The Tamilnet web site said those killed on Sunday were supporters of renegade Liberation Tigers of Tamil Eelam

(LTTE) commander Vinayagamoorthy Muralitharan, known as

"Karuna", and included one of his deputies.

 

"The killings are confirmed, but we can't say who is dead

and who is responsible," a police official told Reuters.

 

Tamilnet said the assailants were believed to be gunmen

from the main faction of the LTTE. It said a Sri Lankan

military intelligence official was also among the dead.

 

The police official said the killings took place at a residence believed to be a Tamil rebel safe house in Kottawa, an outer suburb of Colombo.

 

Residents said the house - a plush double-storey building set in a rubber plantation and surrounded by a two metre (six feet) brick wall - had been rented about two weeks ago by a man believed to be an important key Karuna associate.

   

On Sunday police and army investigators swarmed over the

house looking for clues. In the driveway, police experts dusted

a Japanese saloon car for fingerprints as a bomb squad team checked the premises for booby traps.

 

Iron fist

 

Karuna, one of the most senior Tamil commanders, split from

the LTTE earlier this year, prompting a crisis in the group, which has been fighting for decades in a war that has claimed more than 64,000 lives.

 

The LTTE is run with an iron first by its senior commanders, and analysts say scores will be settled for months to come as a result of Karuna's split.

   

Although the LTTE has regained control of the eastern areas formerly commanded by Karuna, the group accuses the government of supporting him in order to drive a wedge through their ranks.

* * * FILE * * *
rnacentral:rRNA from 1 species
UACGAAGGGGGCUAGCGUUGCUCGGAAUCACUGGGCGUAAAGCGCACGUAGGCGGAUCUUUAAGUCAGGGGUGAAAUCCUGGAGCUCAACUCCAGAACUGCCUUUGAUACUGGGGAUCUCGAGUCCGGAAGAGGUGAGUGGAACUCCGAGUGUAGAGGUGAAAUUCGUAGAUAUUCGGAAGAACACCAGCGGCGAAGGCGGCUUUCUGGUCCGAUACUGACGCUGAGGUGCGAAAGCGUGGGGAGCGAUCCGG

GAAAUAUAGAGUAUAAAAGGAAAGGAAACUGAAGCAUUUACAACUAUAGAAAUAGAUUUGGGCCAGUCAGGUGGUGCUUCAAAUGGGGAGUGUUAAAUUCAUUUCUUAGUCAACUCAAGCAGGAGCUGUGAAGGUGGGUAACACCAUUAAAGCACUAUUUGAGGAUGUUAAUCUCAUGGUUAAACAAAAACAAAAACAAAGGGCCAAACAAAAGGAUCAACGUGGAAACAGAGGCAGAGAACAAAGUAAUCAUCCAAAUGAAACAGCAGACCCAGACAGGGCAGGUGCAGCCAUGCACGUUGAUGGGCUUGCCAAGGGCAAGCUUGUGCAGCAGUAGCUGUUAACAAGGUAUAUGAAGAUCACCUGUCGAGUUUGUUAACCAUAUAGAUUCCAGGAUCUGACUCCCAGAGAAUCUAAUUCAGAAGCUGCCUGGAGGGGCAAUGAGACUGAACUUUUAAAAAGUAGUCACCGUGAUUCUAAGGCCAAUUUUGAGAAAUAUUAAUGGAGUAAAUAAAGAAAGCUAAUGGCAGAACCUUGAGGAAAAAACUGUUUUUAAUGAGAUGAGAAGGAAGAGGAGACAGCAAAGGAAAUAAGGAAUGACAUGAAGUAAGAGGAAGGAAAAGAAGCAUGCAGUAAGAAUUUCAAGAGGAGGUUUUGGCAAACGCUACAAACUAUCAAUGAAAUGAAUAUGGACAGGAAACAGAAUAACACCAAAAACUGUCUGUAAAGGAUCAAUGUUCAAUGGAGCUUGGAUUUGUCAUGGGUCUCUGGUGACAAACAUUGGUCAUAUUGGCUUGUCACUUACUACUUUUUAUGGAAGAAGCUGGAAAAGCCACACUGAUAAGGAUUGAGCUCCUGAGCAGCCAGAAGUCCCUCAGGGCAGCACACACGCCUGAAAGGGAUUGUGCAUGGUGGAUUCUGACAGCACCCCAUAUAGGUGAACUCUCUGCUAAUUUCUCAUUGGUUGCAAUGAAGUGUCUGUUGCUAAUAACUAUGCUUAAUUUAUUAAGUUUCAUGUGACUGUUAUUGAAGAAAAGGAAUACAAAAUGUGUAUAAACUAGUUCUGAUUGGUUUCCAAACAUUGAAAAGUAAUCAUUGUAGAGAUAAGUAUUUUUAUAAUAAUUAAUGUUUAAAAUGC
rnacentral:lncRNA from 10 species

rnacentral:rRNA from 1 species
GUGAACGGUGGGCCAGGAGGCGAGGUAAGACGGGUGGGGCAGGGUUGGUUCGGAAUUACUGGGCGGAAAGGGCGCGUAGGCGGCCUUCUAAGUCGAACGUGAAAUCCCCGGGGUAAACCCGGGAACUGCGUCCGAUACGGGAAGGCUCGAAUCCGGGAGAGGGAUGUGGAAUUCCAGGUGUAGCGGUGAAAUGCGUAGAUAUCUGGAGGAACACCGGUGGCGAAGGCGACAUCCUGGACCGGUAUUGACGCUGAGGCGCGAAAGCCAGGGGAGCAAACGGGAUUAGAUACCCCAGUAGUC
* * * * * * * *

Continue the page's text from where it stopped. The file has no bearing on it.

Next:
A team of Norwegian negotiators, led by deputy foreign minister Vida Helgesen, arrived in the Sri Lankan capital on Sunday afternoon in the latest attempt to re-start the stalled peace process.

 

The peace process faltered in April last year with government and Tigers divided over the agenda for resuming talks. The rebels want discussions based on their proposals for interim self-rule, while the government wants parallel talks on a final settlement.

 

Crucial stage

 

Before leaving Oslo, Helgesen told Reuters that certain elements in the conflict "were playing with fire", and that the process was at a crucial stage.

 

"Sixteen months have passed without a high-level meeting

between the parties and that is a very long time," he said.

 

"We are not optimistic about getting them back to the

negotiating table because there is so little confidence between them."

   

Helgesen is due to travel to Kilinochchi in the rebel-held north on Monday to meet SP Thamilselvan, leader of the LTTE's

political wing, and to meet President Chandrika Kumaratunga and the prime minister in Colombo before he leaves on Thursday.